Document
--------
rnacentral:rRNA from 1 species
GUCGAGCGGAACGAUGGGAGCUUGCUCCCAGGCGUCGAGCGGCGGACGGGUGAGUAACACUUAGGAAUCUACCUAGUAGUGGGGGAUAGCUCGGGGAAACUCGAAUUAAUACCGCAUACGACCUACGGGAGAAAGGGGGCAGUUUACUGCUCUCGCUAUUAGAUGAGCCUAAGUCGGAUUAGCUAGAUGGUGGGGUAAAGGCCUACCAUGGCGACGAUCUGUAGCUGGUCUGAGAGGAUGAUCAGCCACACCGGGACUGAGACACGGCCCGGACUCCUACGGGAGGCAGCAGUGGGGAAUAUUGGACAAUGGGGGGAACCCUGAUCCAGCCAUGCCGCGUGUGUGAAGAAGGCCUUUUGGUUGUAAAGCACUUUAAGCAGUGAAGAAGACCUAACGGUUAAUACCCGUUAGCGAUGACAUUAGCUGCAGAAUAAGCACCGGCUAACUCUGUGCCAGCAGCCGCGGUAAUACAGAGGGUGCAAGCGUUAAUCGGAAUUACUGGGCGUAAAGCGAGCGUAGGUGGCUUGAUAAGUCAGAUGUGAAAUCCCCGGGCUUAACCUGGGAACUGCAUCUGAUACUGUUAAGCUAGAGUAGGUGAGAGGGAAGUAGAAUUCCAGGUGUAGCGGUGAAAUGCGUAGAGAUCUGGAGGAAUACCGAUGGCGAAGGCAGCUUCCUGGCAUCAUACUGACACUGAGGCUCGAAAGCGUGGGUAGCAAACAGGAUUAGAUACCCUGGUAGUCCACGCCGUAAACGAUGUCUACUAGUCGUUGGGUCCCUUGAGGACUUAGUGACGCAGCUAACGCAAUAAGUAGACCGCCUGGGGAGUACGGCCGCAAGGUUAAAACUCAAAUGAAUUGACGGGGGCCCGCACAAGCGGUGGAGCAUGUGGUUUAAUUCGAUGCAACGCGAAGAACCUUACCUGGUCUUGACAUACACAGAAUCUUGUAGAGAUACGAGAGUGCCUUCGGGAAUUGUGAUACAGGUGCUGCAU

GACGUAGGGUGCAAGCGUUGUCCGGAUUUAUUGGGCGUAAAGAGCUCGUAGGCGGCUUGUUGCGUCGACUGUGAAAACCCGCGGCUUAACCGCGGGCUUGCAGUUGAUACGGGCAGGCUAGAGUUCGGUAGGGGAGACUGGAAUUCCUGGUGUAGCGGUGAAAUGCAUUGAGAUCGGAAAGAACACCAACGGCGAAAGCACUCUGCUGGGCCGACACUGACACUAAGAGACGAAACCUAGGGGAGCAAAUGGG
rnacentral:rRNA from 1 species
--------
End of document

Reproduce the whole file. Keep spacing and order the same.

rnacentral:rRNA from 1 species
GUCGAGCGGAACGAUGGGAGCUUGCUCCCAGGCGUCGAGCGGCGGACGGGUGAGUAACACUUAGGAAUCUACCUAGUAGUGGGGGAUAGCUCGGGGAAACUCGAAUUAAUACCGCAUACGACCUACGGGAGAAAGGGGGCAGUUUACUGCUCUCGCUAUUAGAUGAGCCUAAGUCGGAUUAGCUAGAUGGUGGGGUAAAGGCCUACCAUGGCGACGAUCUGUAGCUGGUCUGAGAGGAUGAUCAGCCACACCGGGACUGAGACACGGCCCGGACUCCUACGGGAGGCAGCAGUGGGGAAUAUUGGACAAUGGGGGGAACCCUGAUCCAGCCAUGCCGCGUGUGUGAAGAAGGCCUUUUGGUUGUAAAGCACUUUAAGCAGUGAAGAAGACCUAACGGUUAAUACCCGUUAGCGAUGACAUUAGCUGCAGAAUAAGCACCGGCUAACUCUGUGCCAGCAGCCGCGGUAAUACAGAGGGUGCAAGCGUUAAUCGGAAUUACUGGGCGUAAAGCGAGCGUAGGUGGCUUGAUAAGUCAGAUGUGAAAUCCCCGGGCUUAACCUGGGAACUGCAUCUGAUACUGUUAAGCUAGAGUAGGUGAGAGGGAAGUAGAAUUCCAGGUGUAGCGGUGAAAUGCGUAGAGAUCUGGAGGAAUACCGAUGGCGAAGGCAGCUUCCUGGCAUCAUACUGACACUGAGGCUCGAAAGCGUGGGUAGCAAACAGGAUUAGAUACCCUGGUAGUCCACGCCGUAAACGAUGUCUACUAGUCGUUGGGUCCCUUGAGGACUUAGUGACGCAGCUAACGCAAUAAGUAGACCGCCUGGGGAGUACGGCCGCAAGGUUAAAACUCAAAUGAAUUGACGGGGGCCCGCACAAGCGGUGGAGCAUGUGGUUUAAUUCGAUGCAACGCGAAGAACCUUACCUGGUCUUGACAUACACAGAAUCUUGUAGAGAUACGAGAGUGCCUUCGGGAAUUGUGAUACAGGUGCUGCAU

GACGUAGGGUGCAAGCGUUGUCCGGAUUUAUUGGGCGUAAAGAGCUCGUAGGCGGCUUGUUGCGUCGACUGUGAAAACCCGCGGCUUAACCGCGGGCUUGCAGUUGAUACGGGCAGGCUAGAGUUCGGUAGGGGAGACUGGAAUUCCUGGUGUAGCGGUGAAAUGCAUUGAGAUCGGAAAGAACACCAACGGCGAAAGCACUCUGCUGGGCCGACACUGACACUAAGAGACGAAACCUAGGGGAGCAAAUGGG
rnacentral:rRNA from 1 species